G-M-nO Thanks: Yes to Our Right to Know
We recently visited the National Heirloom Exposition in Santa Rosa, California, a fascinating event for lovers of heirloom & heritage varieties of edible plants & animals. The bedrock foundation of the Heirloom Expo: to celebrate the diversity of world heirloom produce and heritage animal breeds as pure food that’s not been genetically modified and to honor foods that centuries of farmers have improved through selection into their perfect, pure state, from way before Gregor Mendel’s time to today.
Historical Threads and the Thread of Seed History
Jere and Emilee Gettle and the folks at Baker Creek Heirloom Seeds have planned and produced the National Heirloom Expo for the past three years. Their goal is twofold: to celebrate heirloom/heritage plants and animals as well as defend our human and civil rights to choose to eat GMO-free plant and animal organisms, especially plants engineered to resist toxic weed killers dispersed with abandon on conventionally-grown crops.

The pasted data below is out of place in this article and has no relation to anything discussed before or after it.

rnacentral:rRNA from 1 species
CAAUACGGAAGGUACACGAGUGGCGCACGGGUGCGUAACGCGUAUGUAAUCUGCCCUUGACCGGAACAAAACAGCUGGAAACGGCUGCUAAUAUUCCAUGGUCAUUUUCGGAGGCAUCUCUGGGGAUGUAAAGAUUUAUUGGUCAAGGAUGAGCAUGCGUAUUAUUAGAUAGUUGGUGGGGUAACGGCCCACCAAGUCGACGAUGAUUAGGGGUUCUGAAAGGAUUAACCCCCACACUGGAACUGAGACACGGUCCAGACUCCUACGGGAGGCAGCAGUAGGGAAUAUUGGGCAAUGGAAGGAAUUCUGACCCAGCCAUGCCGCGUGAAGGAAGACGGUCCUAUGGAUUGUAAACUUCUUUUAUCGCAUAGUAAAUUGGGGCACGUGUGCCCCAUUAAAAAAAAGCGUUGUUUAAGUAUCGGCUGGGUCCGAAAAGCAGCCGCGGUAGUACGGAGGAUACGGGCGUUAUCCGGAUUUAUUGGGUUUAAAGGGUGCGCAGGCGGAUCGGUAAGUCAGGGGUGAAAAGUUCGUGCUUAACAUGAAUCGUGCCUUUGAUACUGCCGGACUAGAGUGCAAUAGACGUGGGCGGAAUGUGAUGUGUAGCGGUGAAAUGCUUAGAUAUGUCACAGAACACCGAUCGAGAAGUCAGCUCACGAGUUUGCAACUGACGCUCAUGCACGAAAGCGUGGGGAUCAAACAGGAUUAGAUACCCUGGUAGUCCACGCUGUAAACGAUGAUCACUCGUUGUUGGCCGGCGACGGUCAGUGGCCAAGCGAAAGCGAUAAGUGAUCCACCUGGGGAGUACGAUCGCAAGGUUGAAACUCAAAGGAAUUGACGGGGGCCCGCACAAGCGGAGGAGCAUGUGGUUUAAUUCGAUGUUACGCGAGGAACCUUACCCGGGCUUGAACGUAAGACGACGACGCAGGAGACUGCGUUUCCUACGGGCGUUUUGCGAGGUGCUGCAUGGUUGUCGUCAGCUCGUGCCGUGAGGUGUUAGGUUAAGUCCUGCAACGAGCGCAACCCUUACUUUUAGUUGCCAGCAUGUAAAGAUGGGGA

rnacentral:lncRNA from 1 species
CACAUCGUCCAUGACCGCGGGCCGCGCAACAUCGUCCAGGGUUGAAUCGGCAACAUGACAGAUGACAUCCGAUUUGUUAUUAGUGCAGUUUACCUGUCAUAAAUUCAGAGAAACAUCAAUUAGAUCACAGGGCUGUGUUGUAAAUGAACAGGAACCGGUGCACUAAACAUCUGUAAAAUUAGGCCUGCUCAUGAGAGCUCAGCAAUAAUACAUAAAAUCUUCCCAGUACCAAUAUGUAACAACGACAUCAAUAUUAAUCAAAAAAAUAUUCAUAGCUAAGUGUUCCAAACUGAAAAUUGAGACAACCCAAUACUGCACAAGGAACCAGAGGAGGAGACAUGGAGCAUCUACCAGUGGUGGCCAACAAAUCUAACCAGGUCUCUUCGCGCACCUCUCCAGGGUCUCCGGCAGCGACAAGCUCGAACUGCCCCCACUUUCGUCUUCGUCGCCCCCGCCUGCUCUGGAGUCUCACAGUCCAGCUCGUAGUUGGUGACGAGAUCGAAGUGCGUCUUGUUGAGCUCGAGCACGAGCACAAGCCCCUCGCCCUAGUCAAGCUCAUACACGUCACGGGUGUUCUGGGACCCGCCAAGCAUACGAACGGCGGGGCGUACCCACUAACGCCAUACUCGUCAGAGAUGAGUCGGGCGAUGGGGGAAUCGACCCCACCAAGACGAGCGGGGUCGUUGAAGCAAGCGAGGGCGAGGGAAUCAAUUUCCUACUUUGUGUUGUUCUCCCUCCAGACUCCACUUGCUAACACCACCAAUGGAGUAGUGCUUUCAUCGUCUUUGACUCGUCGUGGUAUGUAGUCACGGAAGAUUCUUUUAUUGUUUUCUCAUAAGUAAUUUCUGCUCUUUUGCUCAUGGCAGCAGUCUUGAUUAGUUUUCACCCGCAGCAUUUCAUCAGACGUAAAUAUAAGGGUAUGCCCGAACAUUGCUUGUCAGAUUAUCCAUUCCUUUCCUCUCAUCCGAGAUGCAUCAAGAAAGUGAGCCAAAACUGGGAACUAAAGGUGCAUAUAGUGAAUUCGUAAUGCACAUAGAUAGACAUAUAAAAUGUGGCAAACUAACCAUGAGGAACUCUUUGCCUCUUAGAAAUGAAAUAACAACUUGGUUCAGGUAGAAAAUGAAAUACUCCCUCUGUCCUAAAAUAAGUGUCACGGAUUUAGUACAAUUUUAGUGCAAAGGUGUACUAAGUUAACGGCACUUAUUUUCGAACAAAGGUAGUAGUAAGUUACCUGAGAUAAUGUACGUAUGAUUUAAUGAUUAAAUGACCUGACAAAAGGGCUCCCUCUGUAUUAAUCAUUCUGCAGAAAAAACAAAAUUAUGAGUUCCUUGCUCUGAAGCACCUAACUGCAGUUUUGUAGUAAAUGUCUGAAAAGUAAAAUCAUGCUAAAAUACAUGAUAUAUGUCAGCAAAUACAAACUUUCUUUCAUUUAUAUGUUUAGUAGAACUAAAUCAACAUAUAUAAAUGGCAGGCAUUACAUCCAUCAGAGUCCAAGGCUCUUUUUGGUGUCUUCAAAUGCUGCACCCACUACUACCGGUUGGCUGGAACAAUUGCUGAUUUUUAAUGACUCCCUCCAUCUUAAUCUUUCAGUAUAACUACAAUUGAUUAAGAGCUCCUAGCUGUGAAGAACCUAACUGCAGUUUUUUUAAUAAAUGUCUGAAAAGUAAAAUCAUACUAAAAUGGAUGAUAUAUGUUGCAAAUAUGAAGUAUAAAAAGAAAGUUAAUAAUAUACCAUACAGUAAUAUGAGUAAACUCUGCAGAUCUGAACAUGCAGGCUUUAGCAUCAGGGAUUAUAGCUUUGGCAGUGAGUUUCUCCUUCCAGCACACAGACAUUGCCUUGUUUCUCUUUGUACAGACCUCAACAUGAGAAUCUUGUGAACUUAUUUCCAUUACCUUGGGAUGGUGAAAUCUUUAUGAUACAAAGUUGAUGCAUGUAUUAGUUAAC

Whether at their Baker Creek home base near Mansfield, Missouri; the Petaluma Seed Bank in Petaluma, California; or Comstock, Ferre & Co.in Wethersfield, Connecticut, the pure food advocates of Baker Creek wear period clothing from a pre-industrial agriculture era to help reconnect citizen-consumers with an earlier time when families could feed themselves with produce grown with seed saved from decades and centuries of selection. Pre-industrial agriculture respected farmers, laborers, and the environment far more than today’s mechanized-corporatized-subsidized industrial agriculture system.